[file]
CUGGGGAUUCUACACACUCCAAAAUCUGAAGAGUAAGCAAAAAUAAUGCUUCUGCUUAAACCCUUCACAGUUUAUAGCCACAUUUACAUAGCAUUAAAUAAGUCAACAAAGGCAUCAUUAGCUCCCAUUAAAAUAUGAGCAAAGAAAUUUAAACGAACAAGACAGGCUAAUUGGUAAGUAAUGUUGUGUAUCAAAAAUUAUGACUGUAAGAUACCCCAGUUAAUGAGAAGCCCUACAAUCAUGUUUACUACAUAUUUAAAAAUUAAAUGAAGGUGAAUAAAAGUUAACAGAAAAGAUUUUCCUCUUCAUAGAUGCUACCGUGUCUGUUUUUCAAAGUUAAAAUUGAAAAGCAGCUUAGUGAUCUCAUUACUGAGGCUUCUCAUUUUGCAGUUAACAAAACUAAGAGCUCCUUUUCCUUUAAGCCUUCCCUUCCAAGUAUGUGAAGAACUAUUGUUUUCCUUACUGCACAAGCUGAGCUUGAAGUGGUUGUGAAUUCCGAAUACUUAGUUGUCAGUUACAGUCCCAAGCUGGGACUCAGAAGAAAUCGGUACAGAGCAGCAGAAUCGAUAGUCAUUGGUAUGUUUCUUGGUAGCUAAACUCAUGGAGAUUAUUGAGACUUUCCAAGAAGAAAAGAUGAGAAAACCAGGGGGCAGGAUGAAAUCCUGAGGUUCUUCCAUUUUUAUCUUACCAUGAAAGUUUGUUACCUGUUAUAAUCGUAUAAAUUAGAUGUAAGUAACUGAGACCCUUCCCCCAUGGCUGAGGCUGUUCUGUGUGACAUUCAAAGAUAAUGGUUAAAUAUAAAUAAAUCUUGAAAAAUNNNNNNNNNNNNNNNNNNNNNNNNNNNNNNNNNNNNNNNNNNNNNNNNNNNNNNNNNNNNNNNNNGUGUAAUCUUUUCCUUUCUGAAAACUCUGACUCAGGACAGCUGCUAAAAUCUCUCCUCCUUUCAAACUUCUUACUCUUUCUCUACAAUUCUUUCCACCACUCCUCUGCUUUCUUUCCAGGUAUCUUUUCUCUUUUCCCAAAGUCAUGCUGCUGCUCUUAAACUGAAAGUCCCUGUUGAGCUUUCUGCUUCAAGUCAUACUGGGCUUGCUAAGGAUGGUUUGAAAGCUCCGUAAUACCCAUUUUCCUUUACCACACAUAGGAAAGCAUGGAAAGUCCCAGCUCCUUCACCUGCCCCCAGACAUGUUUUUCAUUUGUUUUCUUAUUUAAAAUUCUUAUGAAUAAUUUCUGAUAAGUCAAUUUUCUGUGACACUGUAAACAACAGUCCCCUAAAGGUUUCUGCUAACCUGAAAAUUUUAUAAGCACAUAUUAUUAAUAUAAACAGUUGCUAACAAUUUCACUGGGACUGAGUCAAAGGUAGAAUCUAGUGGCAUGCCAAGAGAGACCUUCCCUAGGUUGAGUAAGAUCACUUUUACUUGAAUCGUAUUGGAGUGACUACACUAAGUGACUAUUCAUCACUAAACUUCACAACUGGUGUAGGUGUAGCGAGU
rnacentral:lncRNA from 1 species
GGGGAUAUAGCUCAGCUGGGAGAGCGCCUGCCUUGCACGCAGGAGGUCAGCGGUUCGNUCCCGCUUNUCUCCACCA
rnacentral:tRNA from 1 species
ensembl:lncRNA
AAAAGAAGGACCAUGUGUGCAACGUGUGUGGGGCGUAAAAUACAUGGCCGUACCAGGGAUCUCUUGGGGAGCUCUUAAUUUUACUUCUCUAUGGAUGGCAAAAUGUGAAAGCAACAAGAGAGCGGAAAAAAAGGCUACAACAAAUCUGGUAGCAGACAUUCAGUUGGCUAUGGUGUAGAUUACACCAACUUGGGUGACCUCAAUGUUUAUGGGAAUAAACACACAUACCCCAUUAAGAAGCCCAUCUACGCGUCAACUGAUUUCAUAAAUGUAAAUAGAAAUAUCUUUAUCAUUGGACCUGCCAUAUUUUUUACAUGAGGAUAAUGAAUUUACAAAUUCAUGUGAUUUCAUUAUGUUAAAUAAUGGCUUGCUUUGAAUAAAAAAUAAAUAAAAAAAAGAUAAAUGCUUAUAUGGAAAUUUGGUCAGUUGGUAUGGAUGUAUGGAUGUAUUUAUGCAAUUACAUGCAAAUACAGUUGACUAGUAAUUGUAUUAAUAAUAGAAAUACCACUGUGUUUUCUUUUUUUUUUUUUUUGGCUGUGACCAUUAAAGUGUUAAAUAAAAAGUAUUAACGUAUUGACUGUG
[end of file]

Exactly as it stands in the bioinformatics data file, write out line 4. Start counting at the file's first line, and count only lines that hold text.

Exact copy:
rnacentral:tRNA from 1 species